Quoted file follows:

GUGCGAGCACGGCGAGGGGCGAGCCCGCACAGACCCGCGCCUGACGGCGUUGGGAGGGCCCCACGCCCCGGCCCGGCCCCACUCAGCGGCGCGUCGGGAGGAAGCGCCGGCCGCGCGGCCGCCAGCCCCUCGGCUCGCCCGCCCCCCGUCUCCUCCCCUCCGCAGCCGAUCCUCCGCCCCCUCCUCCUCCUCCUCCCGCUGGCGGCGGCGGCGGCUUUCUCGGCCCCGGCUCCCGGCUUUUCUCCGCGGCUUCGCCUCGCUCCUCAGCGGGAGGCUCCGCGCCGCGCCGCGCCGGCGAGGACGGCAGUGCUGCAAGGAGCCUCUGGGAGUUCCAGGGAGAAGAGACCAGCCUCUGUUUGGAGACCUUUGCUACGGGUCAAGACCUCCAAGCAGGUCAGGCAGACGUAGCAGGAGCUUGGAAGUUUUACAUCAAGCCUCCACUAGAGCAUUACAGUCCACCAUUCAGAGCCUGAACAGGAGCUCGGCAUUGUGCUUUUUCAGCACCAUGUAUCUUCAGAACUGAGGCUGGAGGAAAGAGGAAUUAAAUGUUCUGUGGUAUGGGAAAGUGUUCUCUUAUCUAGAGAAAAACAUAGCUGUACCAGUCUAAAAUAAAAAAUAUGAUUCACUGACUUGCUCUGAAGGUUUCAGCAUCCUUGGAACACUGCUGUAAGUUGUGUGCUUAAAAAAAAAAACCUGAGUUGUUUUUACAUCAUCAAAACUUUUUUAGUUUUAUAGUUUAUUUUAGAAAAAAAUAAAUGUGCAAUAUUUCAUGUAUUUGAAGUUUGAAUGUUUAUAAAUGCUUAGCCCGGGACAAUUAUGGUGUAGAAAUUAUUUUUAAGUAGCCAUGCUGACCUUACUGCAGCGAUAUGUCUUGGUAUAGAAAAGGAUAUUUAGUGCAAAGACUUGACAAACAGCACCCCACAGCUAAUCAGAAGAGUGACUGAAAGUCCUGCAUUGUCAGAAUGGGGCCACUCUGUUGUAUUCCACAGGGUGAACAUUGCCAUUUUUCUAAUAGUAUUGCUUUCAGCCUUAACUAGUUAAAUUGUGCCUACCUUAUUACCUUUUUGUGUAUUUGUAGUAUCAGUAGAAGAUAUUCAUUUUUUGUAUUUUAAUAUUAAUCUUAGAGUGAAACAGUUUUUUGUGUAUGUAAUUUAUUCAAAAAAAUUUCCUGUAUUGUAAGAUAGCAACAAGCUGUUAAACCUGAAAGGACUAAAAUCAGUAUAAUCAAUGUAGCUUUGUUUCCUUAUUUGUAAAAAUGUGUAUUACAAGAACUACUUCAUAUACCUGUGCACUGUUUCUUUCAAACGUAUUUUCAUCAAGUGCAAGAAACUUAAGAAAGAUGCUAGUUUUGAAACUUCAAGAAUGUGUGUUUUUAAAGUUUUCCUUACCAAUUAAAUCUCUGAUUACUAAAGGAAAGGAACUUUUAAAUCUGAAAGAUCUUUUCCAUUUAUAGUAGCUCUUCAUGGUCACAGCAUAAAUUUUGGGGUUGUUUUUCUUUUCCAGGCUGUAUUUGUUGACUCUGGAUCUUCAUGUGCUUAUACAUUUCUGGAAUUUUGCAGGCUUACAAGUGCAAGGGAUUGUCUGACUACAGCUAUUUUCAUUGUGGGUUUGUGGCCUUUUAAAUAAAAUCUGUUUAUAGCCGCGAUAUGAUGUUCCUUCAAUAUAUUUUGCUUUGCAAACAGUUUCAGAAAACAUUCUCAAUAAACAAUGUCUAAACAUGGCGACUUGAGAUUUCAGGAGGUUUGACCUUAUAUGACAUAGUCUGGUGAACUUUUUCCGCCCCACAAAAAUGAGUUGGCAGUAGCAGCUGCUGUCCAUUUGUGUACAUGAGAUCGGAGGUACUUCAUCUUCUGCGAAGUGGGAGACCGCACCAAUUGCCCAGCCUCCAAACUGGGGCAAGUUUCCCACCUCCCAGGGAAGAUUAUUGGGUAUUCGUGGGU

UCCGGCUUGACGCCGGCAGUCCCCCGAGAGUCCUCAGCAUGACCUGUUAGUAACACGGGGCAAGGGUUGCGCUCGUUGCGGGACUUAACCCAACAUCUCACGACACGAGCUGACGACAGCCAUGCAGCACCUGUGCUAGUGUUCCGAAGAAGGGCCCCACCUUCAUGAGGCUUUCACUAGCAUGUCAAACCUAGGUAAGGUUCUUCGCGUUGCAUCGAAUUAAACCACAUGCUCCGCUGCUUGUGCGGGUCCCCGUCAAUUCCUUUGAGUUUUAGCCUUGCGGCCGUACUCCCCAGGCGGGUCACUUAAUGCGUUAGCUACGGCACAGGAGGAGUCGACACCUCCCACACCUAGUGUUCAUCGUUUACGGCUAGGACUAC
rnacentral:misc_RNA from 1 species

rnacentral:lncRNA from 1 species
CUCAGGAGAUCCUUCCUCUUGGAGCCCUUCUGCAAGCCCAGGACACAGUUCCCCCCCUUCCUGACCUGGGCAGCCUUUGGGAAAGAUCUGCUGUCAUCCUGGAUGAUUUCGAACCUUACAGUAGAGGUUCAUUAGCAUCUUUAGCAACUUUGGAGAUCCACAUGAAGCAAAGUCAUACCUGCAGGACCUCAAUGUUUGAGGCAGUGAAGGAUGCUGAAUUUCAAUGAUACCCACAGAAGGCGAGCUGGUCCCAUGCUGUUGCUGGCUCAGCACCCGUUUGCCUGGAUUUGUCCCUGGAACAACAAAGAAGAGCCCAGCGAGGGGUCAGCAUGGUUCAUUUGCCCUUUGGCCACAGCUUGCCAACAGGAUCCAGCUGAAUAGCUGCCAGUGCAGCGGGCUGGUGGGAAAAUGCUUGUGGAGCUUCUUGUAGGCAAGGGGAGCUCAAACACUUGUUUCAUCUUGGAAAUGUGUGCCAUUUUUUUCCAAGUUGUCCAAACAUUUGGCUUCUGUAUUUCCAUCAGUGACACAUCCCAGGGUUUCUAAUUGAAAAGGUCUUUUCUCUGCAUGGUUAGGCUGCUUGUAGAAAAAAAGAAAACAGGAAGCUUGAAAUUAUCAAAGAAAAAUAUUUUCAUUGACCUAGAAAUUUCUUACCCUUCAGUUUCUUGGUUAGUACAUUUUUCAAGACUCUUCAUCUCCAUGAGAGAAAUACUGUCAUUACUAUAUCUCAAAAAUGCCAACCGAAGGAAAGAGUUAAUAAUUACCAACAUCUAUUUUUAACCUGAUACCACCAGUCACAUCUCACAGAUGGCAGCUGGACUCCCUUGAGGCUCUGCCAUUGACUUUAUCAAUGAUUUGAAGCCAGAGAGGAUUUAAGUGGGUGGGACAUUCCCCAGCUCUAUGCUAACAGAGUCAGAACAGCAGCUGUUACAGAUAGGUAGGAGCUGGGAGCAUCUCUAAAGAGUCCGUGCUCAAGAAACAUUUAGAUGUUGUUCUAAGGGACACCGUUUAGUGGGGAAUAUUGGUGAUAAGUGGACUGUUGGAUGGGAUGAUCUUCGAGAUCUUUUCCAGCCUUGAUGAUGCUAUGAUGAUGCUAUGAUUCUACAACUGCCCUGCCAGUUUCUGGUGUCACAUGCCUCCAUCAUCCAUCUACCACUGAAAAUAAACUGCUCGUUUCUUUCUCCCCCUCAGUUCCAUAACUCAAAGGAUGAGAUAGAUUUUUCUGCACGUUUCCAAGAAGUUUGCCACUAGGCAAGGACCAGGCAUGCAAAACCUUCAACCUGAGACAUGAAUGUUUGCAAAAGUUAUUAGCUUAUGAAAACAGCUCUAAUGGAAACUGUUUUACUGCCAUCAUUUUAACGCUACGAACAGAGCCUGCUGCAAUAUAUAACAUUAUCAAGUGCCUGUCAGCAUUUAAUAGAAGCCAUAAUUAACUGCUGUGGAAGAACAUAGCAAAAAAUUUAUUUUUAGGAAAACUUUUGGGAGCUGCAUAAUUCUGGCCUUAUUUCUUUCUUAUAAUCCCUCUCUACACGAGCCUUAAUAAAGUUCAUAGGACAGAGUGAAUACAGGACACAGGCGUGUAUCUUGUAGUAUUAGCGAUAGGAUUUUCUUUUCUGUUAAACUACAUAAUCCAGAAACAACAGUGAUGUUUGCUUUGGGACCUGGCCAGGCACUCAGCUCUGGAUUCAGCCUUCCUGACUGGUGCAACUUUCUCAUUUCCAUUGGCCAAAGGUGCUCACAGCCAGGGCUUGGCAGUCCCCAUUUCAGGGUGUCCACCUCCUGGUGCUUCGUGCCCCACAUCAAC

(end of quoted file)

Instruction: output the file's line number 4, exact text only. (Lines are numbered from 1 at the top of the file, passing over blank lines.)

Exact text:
rnacentral:lncRNA from 1 species